Connecting the Countryside
Like magnets attracting steel, cities attract people.
In nation after nation, most people live and work in cities and suburbs.
Even in Alaska, three out of four people live in cities and their suburbs. But almost all the state’s income is found in the wide-open spaces beyond.
It is the same story across the African continent. Most wealth comes from mining, oil and gas, as it does from Latin America and the Middle East to Russia and China. And everywhere, the food and drink, the materials and energy our lives depend on come to us from the countryside.
Cities and Suburbs
Because most people live in cities and suburbs, broadband and mobile service tend to be good there. But not everyone everywhere has the same opportunities.
Long distance and challenging terrain are the enemies of connectivity. When people and companies are separated by many miles or kilometers instead of a few feet or meters, the cost of serving them with wires and cables is punishingly high. And s, they live cut off from the services and connections the rest of us depend on.
But not if their broadband connection comes to them from the sky.
From high in Earth orbit, no place is too far away to reach. That’s how companies like SES, a content and connectivity satellite provider, can bring the internet to 700,000 people who live in hard-to-reach areas of Colombia, through more than one thousand satellite-connected Wi-Fi zones built by the government.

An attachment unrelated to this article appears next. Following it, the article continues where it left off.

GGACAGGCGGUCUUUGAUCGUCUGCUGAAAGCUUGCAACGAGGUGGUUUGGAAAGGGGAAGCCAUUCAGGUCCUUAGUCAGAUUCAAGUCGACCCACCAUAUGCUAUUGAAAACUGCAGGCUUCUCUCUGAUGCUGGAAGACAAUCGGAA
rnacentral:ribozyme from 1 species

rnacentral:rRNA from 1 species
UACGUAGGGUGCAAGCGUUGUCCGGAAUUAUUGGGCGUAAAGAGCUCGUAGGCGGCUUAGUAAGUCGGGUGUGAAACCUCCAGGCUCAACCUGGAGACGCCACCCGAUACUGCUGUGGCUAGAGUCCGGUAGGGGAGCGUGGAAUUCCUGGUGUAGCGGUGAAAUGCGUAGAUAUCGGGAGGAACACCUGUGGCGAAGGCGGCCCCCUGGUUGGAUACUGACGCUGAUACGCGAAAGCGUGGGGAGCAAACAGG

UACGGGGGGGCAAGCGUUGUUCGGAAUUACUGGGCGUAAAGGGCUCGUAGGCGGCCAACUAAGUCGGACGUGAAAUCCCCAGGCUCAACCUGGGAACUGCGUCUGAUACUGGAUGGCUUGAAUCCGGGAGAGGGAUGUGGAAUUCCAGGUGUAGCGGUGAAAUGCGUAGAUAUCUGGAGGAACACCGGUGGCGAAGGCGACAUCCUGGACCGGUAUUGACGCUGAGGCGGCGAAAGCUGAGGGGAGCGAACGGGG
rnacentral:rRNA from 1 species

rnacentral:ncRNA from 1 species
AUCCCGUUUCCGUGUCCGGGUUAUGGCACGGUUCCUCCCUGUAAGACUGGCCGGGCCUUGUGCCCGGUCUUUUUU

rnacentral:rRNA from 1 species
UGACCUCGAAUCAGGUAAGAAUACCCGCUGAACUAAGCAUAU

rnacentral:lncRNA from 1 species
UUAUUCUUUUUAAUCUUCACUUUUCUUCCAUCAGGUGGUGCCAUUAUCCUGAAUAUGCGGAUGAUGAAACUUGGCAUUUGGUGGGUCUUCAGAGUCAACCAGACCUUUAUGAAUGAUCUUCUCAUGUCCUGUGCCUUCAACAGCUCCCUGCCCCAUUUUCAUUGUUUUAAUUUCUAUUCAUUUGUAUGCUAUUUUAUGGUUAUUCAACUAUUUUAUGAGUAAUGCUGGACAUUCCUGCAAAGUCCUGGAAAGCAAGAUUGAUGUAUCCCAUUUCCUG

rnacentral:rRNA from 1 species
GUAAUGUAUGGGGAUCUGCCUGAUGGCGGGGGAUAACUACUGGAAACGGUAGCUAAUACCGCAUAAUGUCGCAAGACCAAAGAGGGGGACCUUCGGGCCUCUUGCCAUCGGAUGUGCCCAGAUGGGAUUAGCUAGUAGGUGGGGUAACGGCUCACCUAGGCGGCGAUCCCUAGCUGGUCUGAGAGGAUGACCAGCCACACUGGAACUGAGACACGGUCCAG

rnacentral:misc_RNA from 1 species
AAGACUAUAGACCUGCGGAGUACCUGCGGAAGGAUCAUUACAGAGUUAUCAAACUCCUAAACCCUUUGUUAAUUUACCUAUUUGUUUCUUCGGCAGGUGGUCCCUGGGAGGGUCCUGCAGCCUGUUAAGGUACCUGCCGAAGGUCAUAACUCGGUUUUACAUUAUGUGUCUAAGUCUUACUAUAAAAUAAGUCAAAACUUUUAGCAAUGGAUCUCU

Indonesia is a nation scattered across 17,000 islands. The national government and SES are rolling out internet and mobile connectivity to 150,000 of its citizens who live in some of the remotest spots on Earth.
Rural is Everywhere
And satellite is not just for developing nations. In Canada, the northern province of Nunavut depends on mining, fossil fuels, arts, crafts and tourism. The businesses and craftspeople depend on satellite to connect them to each other and the rest of the world.
In Greenland, fishing produces 90% of exports. The boats sail from small cities and villages stretching along its rocky coast. Satellite links the mobile networks they depend on to do business, stay safe and keep in touch with family and friends.
We all need work and play, shelter and safety, education and information. Today, more and more of those needs are being met by the devices in your hand or on your table. And that’s why companies like SES won’t stop until everyone has connectivity they can depend on, from morning till night.
Produced for SpaceNews by Space & Satellite Professionals International
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